Bilberry and other aromatic wild berries

Northern plants can be roughly divided into those that favour a thick snow cover, those that tolerate winter without snow, and plants for which the thick-ness of the snow covering is irrelevant.

For berry plants, bilberry (vaccinium myrtillus) needs a protective layer of snow for the winter season, while lingonberry is more resistant and can cope with a thin covering. A thick covering is essential for bilberries to thrive in Finland. The early winter temperatures, especially at-20 °C, start to damage the shoots and a snow blanket of less than 10 cm results in frost damage to a third of blueberries.

Wild berries grow without fertilizers, irrigation and plant protection products, and are therefore free from pesticide residues or the hygiene risks posed by sprinkling irrigation. Finland’s geographical location, northern and continental, guarantees not only large berry yields, but also good quality.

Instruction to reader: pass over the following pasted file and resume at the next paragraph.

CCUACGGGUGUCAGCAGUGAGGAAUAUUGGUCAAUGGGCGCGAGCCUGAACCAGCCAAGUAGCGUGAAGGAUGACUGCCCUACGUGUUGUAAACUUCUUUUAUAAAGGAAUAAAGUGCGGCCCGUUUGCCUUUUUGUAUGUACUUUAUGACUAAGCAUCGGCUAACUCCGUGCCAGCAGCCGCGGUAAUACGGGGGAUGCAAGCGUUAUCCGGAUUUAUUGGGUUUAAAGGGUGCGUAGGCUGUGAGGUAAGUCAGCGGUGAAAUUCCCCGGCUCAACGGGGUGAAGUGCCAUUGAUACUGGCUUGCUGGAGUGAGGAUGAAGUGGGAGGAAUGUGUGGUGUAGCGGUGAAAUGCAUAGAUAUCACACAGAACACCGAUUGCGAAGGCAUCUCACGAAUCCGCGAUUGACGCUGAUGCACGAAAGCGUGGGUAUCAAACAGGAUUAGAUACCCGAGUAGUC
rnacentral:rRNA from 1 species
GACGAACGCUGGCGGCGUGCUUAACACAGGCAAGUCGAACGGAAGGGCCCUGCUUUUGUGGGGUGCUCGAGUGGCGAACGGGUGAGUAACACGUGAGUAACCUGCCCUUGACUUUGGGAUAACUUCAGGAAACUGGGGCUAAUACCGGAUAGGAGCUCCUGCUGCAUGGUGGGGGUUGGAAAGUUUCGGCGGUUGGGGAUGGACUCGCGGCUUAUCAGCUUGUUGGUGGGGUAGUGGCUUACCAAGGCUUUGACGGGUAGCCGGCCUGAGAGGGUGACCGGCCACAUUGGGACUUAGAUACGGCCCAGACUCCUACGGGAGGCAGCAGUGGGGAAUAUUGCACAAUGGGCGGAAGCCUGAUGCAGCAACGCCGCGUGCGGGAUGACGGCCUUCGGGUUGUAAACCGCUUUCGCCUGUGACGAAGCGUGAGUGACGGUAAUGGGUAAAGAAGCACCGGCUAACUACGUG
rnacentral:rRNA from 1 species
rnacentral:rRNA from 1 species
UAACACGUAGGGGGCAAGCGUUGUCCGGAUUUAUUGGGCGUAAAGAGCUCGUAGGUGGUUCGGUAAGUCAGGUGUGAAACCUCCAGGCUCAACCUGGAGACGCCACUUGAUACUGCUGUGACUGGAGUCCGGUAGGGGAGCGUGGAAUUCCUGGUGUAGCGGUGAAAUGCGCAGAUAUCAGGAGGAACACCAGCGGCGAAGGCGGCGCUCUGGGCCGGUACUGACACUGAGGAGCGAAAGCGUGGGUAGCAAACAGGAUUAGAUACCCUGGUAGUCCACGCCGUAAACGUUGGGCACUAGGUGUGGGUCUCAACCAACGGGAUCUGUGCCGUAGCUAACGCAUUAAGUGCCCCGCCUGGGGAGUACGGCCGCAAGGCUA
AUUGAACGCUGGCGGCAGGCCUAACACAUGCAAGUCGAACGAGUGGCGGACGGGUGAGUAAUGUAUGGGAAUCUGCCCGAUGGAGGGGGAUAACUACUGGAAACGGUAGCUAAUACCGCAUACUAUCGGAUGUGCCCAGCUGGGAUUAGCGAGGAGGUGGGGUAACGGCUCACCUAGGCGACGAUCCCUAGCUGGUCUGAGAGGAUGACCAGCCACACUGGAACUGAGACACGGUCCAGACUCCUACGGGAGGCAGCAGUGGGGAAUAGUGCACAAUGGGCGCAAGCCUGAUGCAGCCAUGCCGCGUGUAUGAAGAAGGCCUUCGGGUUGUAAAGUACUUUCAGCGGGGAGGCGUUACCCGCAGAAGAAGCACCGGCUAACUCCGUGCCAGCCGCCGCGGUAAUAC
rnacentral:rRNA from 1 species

Anthocyanin concentrations in bilberries are high compared with other berries, about 3-5 times those of cultivated blueberries. Anthocyanins are bioactive compounds that also act as blue and purple pigments in the peels and pulps of the berries. As cultivated blueberries are light inside, the difference between the two species is considerable.

Anthocyanins have been proven to have many health-promoting effects. Scientific research has provided evidence of the preventive effect of anthocyanins in cardiovascular diseases, inflammation, and age-related degenerative diseases. The anthocyanins in berries have also been proven to promote cognitive functions and eye health.

The Finnish climate is cool. At the height of summer, southern Finland has 19 hours of daylight and above the Arctic Circle in the north the sun does not set. Research results show that levels of anthocyanins increase when there are more daylight growing hours. The anthocyanin levels of wild bilberries are high throughout Finland.